Special economic zones a refinement of strategyComment on this story
The special Economic Zones (SEZ) Bill, which is being tabled today, aims to support a broader-based industrialisation growth path, balanced regional industrial growth and the development of more competitive and productive regional economies with strong up and downstream links in strategic value chains.
Adoption of this bill will be a significant milestone in pursuit of the aspirations expressed in the National Development Plan (NDP), New Growth Path (NGP) and Industrial Policy Action Plan (IPAP).
SEZs are defined as geographically designated areas of a country set aside for specifically targeted economic activities, supported through special arrangements and systems that are often different from those that apply in the rest of the country.
Preceding the SEZ Bill, the Department of Trade and Industry (dti) initiated the industrial development zone (IDZ) programme under the Manufacturing Development Act (MDA) in 2000. The focus of the IDZ programme was largely to attract foreign direct investment, increase exportation of value-added manufactured products and create linkages between domestic and zone-based industries. To date, five IDZs have been designated (Coega, East London, Richards Bay, OR Tambo and Saldanha Bay.
I can confidently indicate that there are already eight investors in the oil and gas sector that are signing to invest at Saldanha Bay IDZ. Three of the five IDZs – in Coega, East London and Richards Bay – are fully operational. While these have achieved some major successes (42 operational investments worth R4 billion created with over 5 000 direct jobs and 43 000 construction jobs), some weaknesses on the implementation were identified during the IDZ policy review, which include:
- Weak governance;
- Lack of IDZ incentives;
- Poor stakeholder co-ordination; and
- Lack of integrated planning.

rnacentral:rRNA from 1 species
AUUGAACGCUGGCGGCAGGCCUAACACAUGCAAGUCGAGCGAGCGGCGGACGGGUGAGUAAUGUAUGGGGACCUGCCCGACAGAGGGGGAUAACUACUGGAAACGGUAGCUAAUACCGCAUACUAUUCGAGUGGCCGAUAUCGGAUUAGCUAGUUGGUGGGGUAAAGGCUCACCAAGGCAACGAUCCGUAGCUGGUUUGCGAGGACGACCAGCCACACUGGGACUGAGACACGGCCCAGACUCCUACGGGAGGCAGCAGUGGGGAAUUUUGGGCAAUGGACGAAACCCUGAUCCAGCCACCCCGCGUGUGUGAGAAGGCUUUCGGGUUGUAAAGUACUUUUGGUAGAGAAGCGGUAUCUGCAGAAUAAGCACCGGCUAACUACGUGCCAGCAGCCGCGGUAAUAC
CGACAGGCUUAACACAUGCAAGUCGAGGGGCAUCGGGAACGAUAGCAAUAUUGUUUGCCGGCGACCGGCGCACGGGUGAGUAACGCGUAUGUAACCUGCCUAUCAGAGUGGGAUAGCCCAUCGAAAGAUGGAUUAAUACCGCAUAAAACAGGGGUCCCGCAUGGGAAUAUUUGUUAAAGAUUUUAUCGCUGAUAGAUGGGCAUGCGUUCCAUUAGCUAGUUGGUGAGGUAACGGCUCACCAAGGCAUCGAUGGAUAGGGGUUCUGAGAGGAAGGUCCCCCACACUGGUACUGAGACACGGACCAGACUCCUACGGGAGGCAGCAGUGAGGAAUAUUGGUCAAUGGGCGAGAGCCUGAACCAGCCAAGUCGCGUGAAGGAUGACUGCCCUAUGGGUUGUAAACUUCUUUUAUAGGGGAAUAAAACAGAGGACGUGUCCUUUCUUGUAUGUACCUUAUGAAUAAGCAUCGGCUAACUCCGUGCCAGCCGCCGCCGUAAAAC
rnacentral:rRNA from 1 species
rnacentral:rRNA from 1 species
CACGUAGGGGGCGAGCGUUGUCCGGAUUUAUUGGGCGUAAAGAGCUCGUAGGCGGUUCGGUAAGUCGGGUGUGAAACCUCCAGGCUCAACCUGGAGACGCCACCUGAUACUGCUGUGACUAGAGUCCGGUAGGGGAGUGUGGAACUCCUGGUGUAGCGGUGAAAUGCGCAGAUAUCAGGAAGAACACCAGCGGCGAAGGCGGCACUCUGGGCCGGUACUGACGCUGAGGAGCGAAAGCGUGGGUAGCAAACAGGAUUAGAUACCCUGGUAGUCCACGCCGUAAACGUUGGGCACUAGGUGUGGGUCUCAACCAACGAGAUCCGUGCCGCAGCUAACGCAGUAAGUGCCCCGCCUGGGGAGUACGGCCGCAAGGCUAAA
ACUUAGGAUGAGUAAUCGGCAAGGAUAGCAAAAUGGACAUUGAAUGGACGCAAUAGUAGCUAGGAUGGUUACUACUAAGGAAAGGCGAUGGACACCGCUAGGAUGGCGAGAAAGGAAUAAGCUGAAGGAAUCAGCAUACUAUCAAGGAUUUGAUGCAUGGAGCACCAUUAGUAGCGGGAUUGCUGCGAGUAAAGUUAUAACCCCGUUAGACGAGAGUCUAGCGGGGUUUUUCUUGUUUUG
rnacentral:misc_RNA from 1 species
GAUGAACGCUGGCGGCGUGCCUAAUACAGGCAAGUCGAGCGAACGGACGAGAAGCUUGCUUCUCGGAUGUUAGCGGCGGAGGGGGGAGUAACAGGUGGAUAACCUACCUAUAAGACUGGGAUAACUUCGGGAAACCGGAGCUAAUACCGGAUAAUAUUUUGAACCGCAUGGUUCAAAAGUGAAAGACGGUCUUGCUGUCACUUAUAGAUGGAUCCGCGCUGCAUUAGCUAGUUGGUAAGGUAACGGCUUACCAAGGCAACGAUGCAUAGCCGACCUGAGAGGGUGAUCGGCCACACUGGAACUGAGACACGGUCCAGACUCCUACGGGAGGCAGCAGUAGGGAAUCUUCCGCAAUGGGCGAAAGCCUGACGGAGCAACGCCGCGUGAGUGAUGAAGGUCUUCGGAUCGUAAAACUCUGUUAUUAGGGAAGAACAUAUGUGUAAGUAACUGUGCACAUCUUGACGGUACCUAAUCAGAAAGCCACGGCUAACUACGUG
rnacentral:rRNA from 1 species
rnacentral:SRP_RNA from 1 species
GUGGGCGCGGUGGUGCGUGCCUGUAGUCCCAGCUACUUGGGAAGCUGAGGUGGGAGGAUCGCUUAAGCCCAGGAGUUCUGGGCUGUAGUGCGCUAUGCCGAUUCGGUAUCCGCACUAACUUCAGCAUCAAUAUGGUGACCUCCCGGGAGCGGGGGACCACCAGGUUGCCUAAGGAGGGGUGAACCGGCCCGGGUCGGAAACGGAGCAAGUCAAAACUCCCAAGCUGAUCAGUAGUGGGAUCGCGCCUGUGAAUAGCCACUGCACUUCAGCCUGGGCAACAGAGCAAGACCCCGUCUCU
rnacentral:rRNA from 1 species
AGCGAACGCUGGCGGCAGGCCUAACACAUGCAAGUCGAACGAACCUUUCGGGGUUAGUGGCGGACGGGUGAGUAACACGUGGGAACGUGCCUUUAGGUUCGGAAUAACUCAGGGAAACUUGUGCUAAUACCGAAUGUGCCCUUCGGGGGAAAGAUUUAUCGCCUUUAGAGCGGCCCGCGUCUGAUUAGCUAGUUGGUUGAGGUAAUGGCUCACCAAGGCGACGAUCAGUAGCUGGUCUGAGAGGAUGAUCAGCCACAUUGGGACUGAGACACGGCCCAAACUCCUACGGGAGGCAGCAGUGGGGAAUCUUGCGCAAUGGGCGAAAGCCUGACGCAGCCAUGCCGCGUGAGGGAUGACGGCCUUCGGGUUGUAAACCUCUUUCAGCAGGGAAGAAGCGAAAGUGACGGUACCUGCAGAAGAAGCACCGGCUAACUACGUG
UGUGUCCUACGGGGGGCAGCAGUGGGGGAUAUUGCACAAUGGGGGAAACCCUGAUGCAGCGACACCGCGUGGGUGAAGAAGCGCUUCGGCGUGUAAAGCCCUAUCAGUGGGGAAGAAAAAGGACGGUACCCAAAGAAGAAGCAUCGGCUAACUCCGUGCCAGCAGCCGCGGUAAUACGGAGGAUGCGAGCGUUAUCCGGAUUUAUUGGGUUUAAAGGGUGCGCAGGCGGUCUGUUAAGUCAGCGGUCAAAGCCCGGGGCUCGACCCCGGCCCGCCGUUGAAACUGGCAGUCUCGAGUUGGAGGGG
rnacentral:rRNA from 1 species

Most importantly, the criteria for IDZ designation were biased towards the development of coastal regions and ignored the economic potential in the inland regions. IDZs are by nature export oriented and being close to the sea or an airport become strategic for logistics purposes.
Due to the identified weaknesses, the programme could not assist the country to unlock the long-term development potential of all regions and reverse the process of economic marginalisation and the perpetuation of spatial inequalities.
Confronted with these challenges (especially the concentration of economic activity around metropolitan areas in the three regions of Gauteng, KwaZulu-Natal and Western Cape), including the economic crisis that started in 2008, the dti recognised that measures responding to both global and domestic economic conditions required a focus on new sources of competitiveness. These lie in innovation and productivity, with an entrenched base in skills, infrastructure and efficient responsive state action – that is, more versatile policy instruments.
The dti has, therefore, identified the SEZ programme as one of the appropriate mechanisms that will contribute towards the realisation of economic growth and development goals as envisaged in the IPAP, NGP and NDP. Besides the SEZ Bill serving as an enabler for the government to effectively regulate all SEZs, including IDZs which are a category of SEZ, it also proposes an internationally competitive SEZ value proposition that will assist in attracting domestic and foreign direct investments into the zones.
The intention is that industrial production in the SEZs will focus on the manufacture of value-added goods.
Once designated, it is expected that each SEZ will have strong backward and forward links with other sectors in its locality, building and strengthening localisation through supplier development programmes – a departure from the traditional SEZ model in you had SEZs as separate enclaves.
SEZs offer a potentially valuable tool to overcome some of the existing constraints to developing industrial capabilities, attracting investments and growing exports.
The bill builds on the experience that we have gained from the IDZ programme and introduces a number of new measures that take into consideration input by the general public and social partners at Nedlac, the government, labour and business negotiating chamber. The SEZ Bill thus provides for the:
- Designation, promotion, development, operation and management of SEZs.
- Determination of SEZ policy and strategy.
- Establishment of the SEZ advisory board and fund.
- Regulatory measures and incentives for SEZs to attract domestic and foreign direct investment.
- Establishment of a single point of contact or one-stop shop to deliver government services.
The bill introduces a variation of SEZs, to cater for the various socio-economic and regional/spatial planning considerations of the various spheres of government at local, provincial and national level. In particular, the SEZ Bill provides for the designation of the following types of SEZs: